One of the quiet trends unfolding right in front of our eyes is the marriage of the physical and digital worlds. It is one of the reasons why despite doubters I remain a believer in Foursquare. And perhaps that is why I find Square, disruptive and a game changer.
But the biggest challenge of this symbiotic union of our physical and digital worlds is how we are going to interface with an increasing amount of data, that is becoming richer and complex. In the real world, our eyes, sense of smell and ability to hear allows us to paint a memory that sits in the deep crevices of our brains. The digital world doesn’t have the sensory context . . . yet. And that is why navigating through petabytes of data is a vexing problem.
A few months ago, when discussing the redesign of Google Maps, I posed the question to Bernhard Seefeld and Jonah Jones, who have spent nearly eight years working on Google Maps. That breadth of experience has given the duo a deep understanding of how we use data to find our way in the world today.
That conversation turned into an hour length discussion about the sociology of maps, their evolution and how they reflect the times we create those maps.
As I left that Google’s offices, I asked Jones and Seefeld if they would come and speak at our experience design-themed RoadMap Conference and discuss how maps, data and cloud are going to influence our interactions with the world around us. And they said yes!
Are maps the new portal to our future? We shall find out on November 5th & 6th, when Google Maps gurus will join us on stage at GigaOM’s Roadmap 2013 conference in San Francisco. Join us!
6 thoughts on “Google Maps design gurus to speak at RoadMap 2013”
I wish these 2 would pay attention to the 10+ thousands of us that have taken the time to complain about the tools they removed from the Android G Maps app. While the look and feel of the newer version is a triumph, they have gimped several extremely useful tools for road warriors like myself (en-route navi layers, easily sharing locations, jumping into navi from Contacts – now requires at least 3 extra touches, Latitudes, My Maps, etc.). All very important to people that actually use G Maps for Android as their main navi and mapping tool. Not to mention simple basic functions that no longer work fluidly like they did in the previous iteration (Re-routing, time calculations, and accuracy to name a few). I’m actually unhappy enough that I will be avoiding updating to Android 4.3, because at that point the “new” maps will be the native OS app and unable to be rolled back to the 4.1/4.2 version. Form doesn’t always trump Function. The new look is great – keep it – just please fix these things that we, the users, deemed absolutely necessary…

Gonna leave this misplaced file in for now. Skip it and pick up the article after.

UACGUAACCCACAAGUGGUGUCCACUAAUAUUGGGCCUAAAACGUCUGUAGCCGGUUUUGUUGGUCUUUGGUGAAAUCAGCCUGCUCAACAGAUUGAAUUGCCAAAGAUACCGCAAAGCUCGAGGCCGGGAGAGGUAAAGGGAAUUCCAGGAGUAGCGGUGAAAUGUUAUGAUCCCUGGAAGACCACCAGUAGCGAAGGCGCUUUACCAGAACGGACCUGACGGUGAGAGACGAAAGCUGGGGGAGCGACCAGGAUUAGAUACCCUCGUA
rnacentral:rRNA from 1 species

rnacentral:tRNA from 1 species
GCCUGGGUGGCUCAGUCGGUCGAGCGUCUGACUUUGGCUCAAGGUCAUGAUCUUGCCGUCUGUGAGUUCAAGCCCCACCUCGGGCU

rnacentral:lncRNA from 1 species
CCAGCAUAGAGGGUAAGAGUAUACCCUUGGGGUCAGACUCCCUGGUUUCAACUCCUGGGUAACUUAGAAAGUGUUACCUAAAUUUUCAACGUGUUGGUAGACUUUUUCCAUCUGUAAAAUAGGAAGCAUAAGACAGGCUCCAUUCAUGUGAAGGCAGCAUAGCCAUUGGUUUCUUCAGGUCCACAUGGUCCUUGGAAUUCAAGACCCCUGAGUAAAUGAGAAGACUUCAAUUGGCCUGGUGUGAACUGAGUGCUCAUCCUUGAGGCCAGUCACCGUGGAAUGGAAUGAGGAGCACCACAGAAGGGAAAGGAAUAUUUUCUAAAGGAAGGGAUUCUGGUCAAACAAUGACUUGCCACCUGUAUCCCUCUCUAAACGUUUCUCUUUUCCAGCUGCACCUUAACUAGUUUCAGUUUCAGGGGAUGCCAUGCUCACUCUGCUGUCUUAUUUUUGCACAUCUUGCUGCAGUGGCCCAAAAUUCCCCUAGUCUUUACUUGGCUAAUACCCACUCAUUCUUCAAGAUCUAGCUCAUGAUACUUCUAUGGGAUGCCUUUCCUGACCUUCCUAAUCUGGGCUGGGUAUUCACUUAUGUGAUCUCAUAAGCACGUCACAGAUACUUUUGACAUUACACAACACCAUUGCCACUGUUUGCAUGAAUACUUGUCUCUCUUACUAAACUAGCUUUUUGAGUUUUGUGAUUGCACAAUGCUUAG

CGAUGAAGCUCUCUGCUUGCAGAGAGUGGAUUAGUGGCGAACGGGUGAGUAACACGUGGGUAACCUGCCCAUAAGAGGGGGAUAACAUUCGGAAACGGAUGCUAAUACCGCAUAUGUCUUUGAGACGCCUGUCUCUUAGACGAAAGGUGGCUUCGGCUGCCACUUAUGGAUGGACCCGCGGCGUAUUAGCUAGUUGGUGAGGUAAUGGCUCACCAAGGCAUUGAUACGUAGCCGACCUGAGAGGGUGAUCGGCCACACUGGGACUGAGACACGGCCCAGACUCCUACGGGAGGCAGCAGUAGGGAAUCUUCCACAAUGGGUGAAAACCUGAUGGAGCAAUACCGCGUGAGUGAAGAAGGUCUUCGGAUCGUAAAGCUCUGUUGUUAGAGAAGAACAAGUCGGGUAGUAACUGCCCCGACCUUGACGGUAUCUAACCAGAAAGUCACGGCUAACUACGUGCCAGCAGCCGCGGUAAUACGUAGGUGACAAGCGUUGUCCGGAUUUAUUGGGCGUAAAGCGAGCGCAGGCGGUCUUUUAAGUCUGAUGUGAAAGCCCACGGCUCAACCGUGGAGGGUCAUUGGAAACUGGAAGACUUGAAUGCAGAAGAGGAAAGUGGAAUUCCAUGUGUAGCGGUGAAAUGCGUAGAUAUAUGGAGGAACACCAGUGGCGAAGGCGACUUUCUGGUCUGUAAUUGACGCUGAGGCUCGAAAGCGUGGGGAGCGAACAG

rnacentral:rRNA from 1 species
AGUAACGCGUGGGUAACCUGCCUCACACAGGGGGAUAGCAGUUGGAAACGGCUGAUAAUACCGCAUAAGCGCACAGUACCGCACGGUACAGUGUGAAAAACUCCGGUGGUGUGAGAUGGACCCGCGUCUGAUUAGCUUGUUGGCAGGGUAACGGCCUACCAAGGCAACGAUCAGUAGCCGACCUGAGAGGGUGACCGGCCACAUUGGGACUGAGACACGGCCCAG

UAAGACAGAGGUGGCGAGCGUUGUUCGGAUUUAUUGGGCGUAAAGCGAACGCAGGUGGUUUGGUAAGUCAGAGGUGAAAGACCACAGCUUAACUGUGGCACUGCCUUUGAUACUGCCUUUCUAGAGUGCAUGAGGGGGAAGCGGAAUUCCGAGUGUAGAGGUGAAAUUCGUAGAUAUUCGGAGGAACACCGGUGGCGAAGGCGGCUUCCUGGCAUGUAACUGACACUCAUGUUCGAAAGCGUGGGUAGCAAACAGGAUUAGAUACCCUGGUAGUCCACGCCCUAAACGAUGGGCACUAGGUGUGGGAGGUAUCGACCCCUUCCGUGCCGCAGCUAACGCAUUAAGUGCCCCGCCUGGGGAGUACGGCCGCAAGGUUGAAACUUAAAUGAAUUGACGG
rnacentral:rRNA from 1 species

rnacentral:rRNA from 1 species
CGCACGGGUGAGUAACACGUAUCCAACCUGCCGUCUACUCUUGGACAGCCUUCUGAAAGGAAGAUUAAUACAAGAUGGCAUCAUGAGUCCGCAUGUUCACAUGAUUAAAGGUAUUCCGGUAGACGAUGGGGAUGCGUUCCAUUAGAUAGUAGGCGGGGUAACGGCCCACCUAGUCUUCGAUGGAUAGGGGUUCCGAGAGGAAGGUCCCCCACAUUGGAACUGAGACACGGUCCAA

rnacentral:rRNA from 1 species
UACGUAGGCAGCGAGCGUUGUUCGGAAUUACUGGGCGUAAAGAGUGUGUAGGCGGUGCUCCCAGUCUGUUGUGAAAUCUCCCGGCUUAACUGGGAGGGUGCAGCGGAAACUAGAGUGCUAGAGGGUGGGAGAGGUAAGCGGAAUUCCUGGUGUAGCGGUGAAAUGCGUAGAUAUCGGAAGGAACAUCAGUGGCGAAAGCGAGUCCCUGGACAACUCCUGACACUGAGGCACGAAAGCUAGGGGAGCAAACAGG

Redesign is not that great.. I am not able to do multiple destinations maps anymore..
or even if it there I can’t find it easily..
Gurus? Is the tech press so out of touch that they call these bozos gurus?
If they had spent 8 years working on Google Maps and then had left 2 years ago, and had nothing to do with the releases in 2013 I would call them gurus. But they’ve taken what was a killer app for Android and converted it into something that is getting people (and myself) thinking about looking into Microsoft smartphones. I’m sure as “heck” not going to upgrade my phone’s OS and be stuck with the new version of Maps. Why not switch? It can’t be much worse.
I totally agree with all of these comments. I got the update on my Google Maps and quickly removed the update as I could no longer cache offline maps. This is critical for me as I live in an area with very spotty connections. I don’t mind “paying” for my apps with ads or businesses highlighted in the maps (as long as its not distracting), Google is a business after all, but these can be incorporated into offline cache.
If this is not fixed then I spend $20 and buy an offline map app and Google gets no info at all.
Square is the one “disruptive, game changer” that is worth a throw-away mention before moving into the ‘meat’ of the article? Really? Credit Card Processing? There is exactly ZERO that is innovative about accepting credit card payments for goods and services. Zero. It is an interesting and worthwhile pursuit to try to break the monopolies on payment processing with the possible (but not guaranteed) goal of lowering fees, but how is that “innovation”? Isn’t it still just accepting credit card payments for processing? How low have we sunk that this is considered ‘disruptive innovation’. It looks a lot like paying for s#it with a credit card, to me.
PS – the most recent version of Google Maps (for Android) is about the worst sofware upgrade I’ve seen in years. How is forcing me to care about “what’s nearby”, but at the same time taking away my personal list of painstakingly created and stored addresses (“My Places”), an improvement? Why would anyone think that “showing me something nearby” is going to be more important to me than “showing me the addresses I intentionally created and saved?”. Isn’t it reasonable to assume that the thing I ALREADY SAID IS IMPORTANT TO ME is actually important to me? More important, even, than some other random thing that might happen to be nearby an address I am already interested in? I don’t know who thought that up, but they aren’t a “Guru”. More likely, they are “Sales and Marketing”.
Completely agree on your point about square. If you have a real business their rates aren’t even low! 2.75% is a rip off for any purchase > $7-$8